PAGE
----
This paper estimates a structural econometric model of household decisions regarding income strategies, participation in programs and organizations, crop choices, land management, and labor use, and their implications for agricultural production and land degradation; based upon a survey of over 450 households and their farm plots in Uganda. The results generally support the Boserupian model of population-induced agricultural intensification, but do not support the .more people-less erosion. hypothesis, with population pressure found to contribute to erosion in the densely populated highlands. Agricultural technical assistance programs have location-specific impacts on agricultural production and land degradation, contributing to higher value of crop production in the lowlands, but to soil erosion in the highlands. By contrast, NGO programs focusing on agriculture and environment are helping to reduce erosion, but have mixed impacts on production. We find little evidence of impact of access to markets, roads and credit, land tenure or title on agricultural intensification and crop production, though road access appears to contribute to land degradation in the highlands. Education increases household incomes, but also reduces crop production in the lowlands. We do not find evidence of a poverty-land degradation trap, while poverty has mixed impacts on agricultural production: smaller farms obtain higher crop production per hectare, while households with fewer livestock have crop production. These findings suggest that development of factor markets can improve agricultural efficiency. Several other factors that contribute to increased value of crop production, without significant impacts on land degradation, include specialized crop production, livestock and nonfarm income strategies, and irrigation. In general, the results imply that the strategies to increase agricultural production and reduce land degradation must be location-specific, and that there are few .win-win. opportunities to simultaneously increase production and reduce land degradation.
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Опубликовано на портале: 29-11-2003
Sinne Smed, Jorgen Dejgaard Jensen
2002
This paper examines the cross-impacts of food safety news concerning one product on the demand for another product, using the Danish demand for pasteurized eggs versus shell eggs as an illustrative case. The study identifies news with a temporary impact and news with a permanent impact on consumers’ food demand behavior. The techniques used to identify the permanent versus temporary news are recursive estimation and parameter stability. Whereas “permanent” news is identified to be represented by a specific individual event, “temporary” news concerning salmonella in eggs is aggregated into a news-index variable. Both temporary and permanent news concerning salmonella in shell eggs appear to have significant positive impacts on the demand for pasteurized eggs. The model is estimated as an Error Correction Model. Consumers are found to adjust quite rapidly to both temporary and permanent news. Both the composition of egg consumption accounted as mean budget shares varies across socio-demographic household groups as well as the impact of the considered permanent news.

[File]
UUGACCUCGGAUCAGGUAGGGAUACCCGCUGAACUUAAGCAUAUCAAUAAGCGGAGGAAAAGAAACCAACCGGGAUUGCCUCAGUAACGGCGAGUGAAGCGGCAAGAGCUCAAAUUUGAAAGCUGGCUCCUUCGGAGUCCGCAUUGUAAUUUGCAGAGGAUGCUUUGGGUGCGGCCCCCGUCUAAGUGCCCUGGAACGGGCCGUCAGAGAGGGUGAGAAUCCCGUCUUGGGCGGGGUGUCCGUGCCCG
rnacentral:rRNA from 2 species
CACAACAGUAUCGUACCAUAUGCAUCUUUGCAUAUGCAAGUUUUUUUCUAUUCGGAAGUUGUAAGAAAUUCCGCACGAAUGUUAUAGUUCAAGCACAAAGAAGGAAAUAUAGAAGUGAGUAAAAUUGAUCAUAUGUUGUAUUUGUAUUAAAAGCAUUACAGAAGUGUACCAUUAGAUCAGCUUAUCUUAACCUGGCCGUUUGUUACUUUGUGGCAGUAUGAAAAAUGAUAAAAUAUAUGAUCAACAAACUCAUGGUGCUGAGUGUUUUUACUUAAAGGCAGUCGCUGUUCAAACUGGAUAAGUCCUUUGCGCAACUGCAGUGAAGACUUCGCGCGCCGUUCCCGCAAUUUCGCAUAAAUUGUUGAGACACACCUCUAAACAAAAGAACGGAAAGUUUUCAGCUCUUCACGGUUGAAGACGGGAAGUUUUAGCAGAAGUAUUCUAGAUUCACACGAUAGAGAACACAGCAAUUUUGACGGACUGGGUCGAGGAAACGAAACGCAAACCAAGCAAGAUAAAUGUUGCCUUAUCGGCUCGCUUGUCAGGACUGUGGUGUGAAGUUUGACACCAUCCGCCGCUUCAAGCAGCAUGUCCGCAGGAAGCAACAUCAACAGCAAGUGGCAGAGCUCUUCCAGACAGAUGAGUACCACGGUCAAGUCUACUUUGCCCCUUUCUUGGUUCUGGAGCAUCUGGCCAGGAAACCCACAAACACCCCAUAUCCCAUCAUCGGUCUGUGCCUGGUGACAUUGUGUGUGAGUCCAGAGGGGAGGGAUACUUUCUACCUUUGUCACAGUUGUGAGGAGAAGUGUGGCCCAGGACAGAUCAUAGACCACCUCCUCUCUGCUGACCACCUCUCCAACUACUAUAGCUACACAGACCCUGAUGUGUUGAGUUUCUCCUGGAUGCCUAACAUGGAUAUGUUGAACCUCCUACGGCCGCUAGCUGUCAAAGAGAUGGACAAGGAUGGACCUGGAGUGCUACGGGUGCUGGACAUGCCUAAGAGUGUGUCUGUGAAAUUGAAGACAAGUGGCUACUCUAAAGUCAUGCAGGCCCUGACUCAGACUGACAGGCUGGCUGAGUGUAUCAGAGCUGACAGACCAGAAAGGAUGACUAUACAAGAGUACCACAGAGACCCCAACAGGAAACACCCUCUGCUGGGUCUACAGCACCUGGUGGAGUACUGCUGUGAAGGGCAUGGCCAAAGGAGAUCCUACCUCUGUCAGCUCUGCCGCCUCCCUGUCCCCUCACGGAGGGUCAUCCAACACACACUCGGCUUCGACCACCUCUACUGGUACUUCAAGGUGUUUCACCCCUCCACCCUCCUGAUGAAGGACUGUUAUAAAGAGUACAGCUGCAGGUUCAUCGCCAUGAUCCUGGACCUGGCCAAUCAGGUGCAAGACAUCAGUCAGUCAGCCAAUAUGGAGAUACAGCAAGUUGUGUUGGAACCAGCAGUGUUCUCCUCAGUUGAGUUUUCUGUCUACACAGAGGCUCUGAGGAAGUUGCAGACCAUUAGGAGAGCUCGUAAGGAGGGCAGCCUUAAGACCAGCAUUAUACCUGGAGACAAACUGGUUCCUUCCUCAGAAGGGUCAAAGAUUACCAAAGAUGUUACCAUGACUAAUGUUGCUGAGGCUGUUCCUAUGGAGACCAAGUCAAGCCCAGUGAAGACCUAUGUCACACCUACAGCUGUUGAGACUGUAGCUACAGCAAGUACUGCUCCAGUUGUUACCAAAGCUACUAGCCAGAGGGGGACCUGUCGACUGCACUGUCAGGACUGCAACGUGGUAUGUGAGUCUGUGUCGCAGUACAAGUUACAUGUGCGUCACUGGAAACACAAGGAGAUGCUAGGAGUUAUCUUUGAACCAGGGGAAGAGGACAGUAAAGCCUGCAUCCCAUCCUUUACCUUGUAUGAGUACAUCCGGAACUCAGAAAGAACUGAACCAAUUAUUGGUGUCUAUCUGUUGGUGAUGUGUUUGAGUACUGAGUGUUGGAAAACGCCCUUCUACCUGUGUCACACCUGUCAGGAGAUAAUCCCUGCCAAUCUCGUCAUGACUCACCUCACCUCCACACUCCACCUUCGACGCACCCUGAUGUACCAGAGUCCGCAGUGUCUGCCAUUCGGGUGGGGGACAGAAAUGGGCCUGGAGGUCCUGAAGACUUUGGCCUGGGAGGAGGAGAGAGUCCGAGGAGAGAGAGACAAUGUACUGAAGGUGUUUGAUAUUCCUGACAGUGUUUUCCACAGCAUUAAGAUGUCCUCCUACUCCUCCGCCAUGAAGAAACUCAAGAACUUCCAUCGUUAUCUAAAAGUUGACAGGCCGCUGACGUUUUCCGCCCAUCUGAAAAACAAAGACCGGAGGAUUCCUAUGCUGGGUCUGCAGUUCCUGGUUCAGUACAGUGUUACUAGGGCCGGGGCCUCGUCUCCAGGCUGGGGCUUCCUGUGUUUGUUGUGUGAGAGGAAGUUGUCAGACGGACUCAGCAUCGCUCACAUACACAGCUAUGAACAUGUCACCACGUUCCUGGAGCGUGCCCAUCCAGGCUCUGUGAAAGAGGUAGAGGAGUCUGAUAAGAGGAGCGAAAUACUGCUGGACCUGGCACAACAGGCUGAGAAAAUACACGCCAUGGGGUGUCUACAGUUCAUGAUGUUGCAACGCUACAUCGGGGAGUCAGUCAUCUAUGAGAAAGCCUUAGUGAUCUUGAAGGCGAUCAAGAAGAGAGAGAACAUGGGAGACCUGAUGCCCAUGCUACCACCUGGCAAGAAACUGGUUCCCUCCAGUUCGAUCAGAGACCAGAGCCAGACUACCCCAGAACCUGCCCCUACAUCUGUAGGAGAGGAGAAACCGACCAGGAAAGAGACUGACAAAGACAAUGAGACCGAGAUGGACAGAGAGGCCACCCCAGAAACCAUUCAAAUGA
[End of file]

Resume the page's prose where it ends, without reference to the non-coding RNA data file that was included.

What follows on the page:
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Опубликовано на портале: 04-01-2004
Tugrul Temel, Willem Janssen, Fuad Karimov
Zaragoza, 2002
This paper develops a quantitative, graph-theoretic method for analysing systems of institutions. With an application to the agricultural innovation system of Azerbaijan, the method is illustrated in detail. An assessment of existing institutional linkages in the system suggests that efforts should be placed on the development of intermediary institutions to facilitate quick and effective flow of knowledge between the public and the private components of the system. Furthermore, significant accomplishments are yet to come in policy-making, research and education, and credit institutions.
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Опубликовано на портале: 31-12-2003
Takashi Yamano, T. S. Jayne
Durban, 2003
Using a two-year panel of 1,422 Kenyan households surveyed in 1997 and 2000, we measure how working age adult mortality affects rural households’ size and composition, crop production, asset levels, and off-farm income. First, the paper uses adult mortality rates from available data on an HIV-negative sample to predict the proportion of deaths observed between 1997 and 2000 due to AIDS. Next, using a difference-indifferences estimation, we measure changes in outcomes between households afflicted by adult mortality vs. those not afflicted over the three-year survey period. The effects of adult mortality are highly sensitive to the gender and position of the deceased family member in the household. Households suffering the death of the head-of-household or spouse incurred a greater-than-one person loss in household size. The death of a male head-of-household between 16 and 59 years is associated with a 68% reduction in the net value of the household’s crop production. Female head-of-household or spouse mortality causes a greater decline in cereal area cultivated, while cash crops such as coffee, tea, and sugar are most adversely affected in households incurring the death of a male head-of-household. Off-farm income is also significantly affected by the death of the male head-of-household, but not in the case of other adult members. The death of other working-age family members is partially offset by an inflow of other individuals into the family and has less dramatic effects on the households’ agricultural production, assets, and off-farm income. The effects of adult mortality are also sensitive to the household’s initial asset levels. Lastly, there is little indication that households are able to recover quickly from the effects of working-age head-of-household adult mortality; the effects on crop and non-farm incomes do not decay at least over the three-year survey interval.